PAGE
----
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Manchester's City Solicitor Tom Clark resigns in light of domestic violence prosecutions

June 30. 2017 5:51PM
Mayor Ted Gatsas said Thursday, June 29, that a Friday, June 30, meeting would include discussions on corrective action and "potential terminations" of employees following findings of an investigation by the Attorney General's Office into the mismanagement and mishandling of cases by the Domestic Violence Prosecution Unit of the City Solicitors Office. (File photo)
Jettisoned justice?
Following are questionable actions in several domestic-related criminal cases handled by city prosecutor Andrea Muller:

• No explanation for dropping assault charges involving a strangulation. Defendant had a history of drug use and failure to attend drug treatment.

• Six domestic violence charges dropped after an expert said the defendant had “cultural incompetence” with regard to the U.S. justice system and was not restorable.

• Muller takes a mother at her word who said her son suffered from traumatic brain injury.

• Charges dropped on condition of drug treatment. Prosecutor notified in February that defendant had not followed through, but took no action.

Source: New Hampshire attorney general.

MANCHESTER — Mayor Ted Gatsas announced Friday the abrupt retirement of veteran City Solicitor Tom Clark, whose office came under recent criticism for failure of a prosecutor to get tough on suspects charged with domestic-related crimes.

Clark, who at $161,100 is one of the highest paid city employees, will retire effective July 31, according to a statement released by Gatsas and Pat Long, the chairman of aldermen, early Friday evening. He has asked to be relieved of administrative duties until then, according to the statement.

Clark has been city solicitor for 22 years.

The resignation came a day after New Hampshire Attorney General Gordon MacDonald detailed his office’s review of the decisions made by one of Clark’s prosecutors in numerous cases involving domestic assault or abuse.

MacDonald faulted numerous actions and decisions by the prosecutor, Andrea Muller, whose salary is partially funded by a state grant.

The review found she dropped some charges unnecessarily, she did not follow through when charges were conditionally dropped and her case files lacked necessary paperwork.

On Friday morning, Manchester Police Chief Nick Willard weighed in. Willard said he was troubled by the inability of the City Solicitor’s Office to successfully prosecute domestic-related crimes to the fullest extent of the law.

“Their repeated failure to address our expressed concerns made it necessary for me to ask the Attorney General’s office for a review of their prosecutorial practices,” Willard said in a statement.

Although Manchester police investigate crimes in Manchester, they turn over most prosecutions to one of two entities: felonies are prosecuted at the county level; misdemeanor cases — which include most domestic violence cases — are handled by the City Solicitor’s Office.

Gatsas said he will supervise the day-to-day activities of the City Solicitor’s Office for the time being.

Meanwhile, Gatsas and Long said they will work with MacDonald’s office and Hillsborough County Attorney Dennis Hogan to bring forward a plan for oversight of the City Solicitor’s Office.

A plan should surface on or before the next meeting of aldermen, which is scheduled for July 18, they said.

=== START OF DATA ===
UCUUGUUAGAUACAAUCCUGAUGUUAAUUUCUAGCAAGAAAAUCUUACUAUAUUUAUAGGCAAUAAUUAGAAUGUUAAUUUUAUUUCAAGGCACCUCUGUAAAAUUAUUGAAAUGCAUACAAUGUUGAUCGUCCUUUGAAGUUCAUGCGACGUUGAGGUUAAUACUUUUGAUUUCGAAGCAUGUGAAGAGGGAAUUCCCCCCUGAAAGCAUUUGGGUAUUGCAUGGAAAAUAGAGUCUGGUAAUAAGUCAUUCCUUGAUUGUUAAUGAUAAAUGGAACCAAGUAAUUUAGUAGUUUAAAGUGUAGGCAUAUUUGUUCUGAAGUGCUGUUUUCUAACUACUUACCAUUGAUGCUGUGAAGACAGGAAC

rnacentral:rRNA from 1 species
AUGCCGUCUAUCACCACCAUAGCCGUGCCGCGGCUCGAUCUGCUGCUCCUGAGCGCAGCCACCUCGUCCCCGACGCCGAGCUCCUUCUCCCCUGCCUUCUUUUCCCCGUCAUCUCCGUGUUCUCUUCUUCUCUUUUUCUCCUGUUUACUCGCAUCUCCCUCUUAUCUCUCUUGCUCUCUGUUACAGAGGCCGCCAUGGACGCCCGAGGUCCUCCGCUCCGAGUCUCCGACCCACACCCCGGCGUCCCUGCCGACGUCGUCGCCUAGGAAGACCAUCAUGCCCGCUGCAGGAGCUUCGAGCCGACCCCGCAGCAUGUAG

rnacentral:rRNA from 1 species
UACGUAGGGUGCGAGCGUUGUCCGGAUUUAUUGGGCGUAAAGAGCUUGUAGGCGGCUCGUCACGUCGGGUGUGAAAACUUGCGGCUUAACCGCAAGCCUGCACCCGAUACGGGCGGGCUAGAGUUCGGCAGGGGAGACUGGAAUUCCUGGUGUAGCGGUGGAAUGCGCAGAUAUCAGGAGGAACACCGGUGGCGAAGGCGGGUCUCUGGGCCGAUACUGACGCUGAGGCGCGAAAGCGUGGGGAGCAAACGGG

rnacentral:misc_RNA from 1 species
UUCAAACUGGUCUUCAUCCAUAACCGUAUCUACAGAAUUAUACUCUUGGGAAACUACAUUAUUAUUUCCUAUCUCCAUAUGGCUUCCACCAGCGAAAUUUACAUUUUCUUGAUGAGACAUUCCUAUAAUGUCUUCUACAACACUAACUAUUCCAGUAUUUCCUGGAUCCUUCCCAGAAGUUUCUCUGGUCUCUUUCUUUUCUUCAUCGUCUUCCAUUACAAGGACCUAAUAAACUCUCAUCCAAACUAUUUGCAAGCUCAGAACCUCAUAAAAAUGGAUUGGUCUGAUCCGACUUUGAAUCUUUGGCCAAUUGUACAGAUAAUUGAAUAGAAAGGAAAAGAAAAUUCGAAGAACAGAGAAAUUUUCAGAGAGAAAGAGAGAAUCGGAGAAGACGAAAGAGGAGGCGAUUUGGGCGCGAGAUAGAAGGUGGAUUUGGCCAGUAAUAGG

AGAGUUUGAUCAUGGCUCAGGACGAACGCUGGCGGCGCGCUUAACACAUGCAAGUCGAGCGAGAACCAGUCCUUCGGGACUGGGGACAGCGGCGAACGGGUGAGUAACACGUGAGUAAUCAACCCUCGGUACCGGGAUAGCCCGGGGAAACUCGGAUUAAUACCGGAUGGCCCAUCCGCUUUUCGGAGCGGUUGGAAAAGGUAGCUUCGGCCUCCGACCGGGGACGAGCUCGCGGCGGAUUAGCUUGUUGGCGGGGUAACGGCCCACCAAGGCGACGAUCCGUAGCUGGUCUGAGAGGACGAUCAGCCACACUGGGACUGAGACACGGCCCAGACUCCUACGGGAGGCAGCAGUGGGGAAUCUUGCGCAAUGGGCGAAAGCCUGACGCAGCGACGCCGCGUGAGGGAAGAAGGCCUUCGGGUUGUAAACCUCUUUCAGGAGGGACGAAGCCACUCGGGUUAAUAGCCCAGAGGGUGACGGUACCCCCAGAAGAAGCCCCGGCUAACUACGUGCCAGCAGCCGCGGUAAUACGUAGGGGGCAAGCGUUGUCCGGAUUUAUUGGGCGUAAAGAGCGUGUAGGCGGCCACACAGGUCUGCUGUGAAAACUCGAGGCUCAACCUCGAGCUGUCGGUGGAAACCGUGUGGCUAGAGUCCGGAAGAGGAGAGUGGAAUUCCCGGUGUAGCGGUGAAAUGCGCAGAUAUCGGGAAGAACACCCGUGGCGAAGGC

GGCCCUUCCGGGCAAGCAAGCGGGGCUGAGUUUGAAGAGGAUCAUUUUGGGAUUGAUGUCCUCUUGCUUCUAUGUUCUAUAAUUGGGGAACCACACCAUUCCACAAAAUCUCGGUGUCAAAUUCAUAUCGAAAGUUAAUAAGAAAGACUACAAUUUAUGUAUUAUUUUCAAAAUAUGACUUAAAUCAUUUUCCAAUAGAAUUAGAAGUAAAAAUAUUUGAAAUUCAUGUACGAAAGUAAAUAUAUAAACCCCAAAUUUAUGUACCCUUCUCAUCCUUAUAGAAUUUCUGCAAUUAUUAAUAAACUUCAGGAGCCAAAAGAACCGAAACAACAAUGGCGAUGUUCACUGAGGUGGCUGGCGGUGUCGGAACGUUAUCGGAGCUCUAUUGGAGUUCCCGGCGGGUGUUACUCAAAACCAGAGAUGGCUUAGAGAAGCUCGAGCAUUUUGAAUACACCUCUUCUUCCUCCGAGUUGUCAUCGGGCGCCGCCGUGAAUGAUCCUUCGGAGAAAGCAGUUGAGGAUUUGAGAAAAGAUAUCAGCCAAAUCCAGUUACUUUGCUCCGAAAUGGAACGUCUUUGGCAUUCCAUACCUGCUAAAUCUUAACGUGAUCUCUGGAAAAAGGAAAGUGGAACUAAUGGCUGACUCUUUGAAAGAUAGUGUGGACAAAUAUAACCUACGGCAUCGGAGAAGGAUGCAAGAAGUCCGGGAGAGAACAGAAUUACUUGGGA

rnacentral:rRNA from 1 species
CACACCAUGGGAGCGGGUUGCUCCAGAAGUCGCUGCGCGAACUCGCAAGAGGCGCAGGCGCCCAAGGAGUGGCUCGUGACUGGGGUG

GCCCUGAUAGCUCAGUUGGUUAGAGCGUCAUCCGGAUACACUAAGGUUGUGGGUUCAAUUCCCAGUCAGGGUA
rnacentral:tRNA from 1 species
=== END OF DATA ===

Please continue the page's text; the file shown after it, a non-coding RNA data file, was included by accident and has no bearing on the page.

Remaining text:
Correspondence released Thursday details recent efforts by the attorney general to address the police department’s complaints about the prosecution of domestic matters.

On June 12, Associate Attorney General Jane Young detailed her issues with Muller in a letter to Clark. She told Clark to review all cases where Muller conditionally dropped criminal charges in domestic related cases.

Young told Clark to refile criminal charges against any defendant who had not followed through on conditions, which usually involved counseling or therapy. Young gave Clark a deadline: June 21, and she copied her letter to Gatsas.

Young and Assistant Attorney General Lisa Wolford visited Clark’s office on June 22 and reviewed 66 of Muller’s files. They determined that Clark had not done what Young had asked.

That prompted MacDonald’s letter, dated Thursday. The attorney general told Clark that his office “has failed its mission to prosecute successfully domestic violence cases and to provide assistance and support to victims of domestic violence crimes.”

Gatsas and aldermen met that night, and Gatsas and Long later announced that “potential terminations” in Clark’s office were possible.

According to New Hampshire Union Leader research:

• Muller joined the city solicitor’s office in 2012, when she was hired with grant money to focus on domestic-related crime. She had held a similar position with the Hillsborough County Attorney’s Office, according to Union Leader archives.

• She currently earns $75,000 a year, according to the city Human Resources Department.

• Muller is married to Greg Muller, another City Solicitor prosecutor. He earns $95,000 a year.

• Andrea Muller dropped a case involving Nathan Lamontagne, the accomplice to the 2012 home invasion in Bedford that involved brutal attacks against Dr. Eduardo Quesada and his wife, Sonia. According to Union Leader archives, Muller dropped a domestic-violence assault charge against Lamontagne after his girlfriend recanted her statement. It was unclear when the alleged abuse took place.

Reached by telephone Friday, Muller said she would not comment at this time.

In his statement, Willard said he is proud of the advocates and police who raised issue with the prosecutions.

“I am deeply sorry to any victim who did not get the services or protection they deserved, or even worse, felt revictimized by their treatment,” Willard said.

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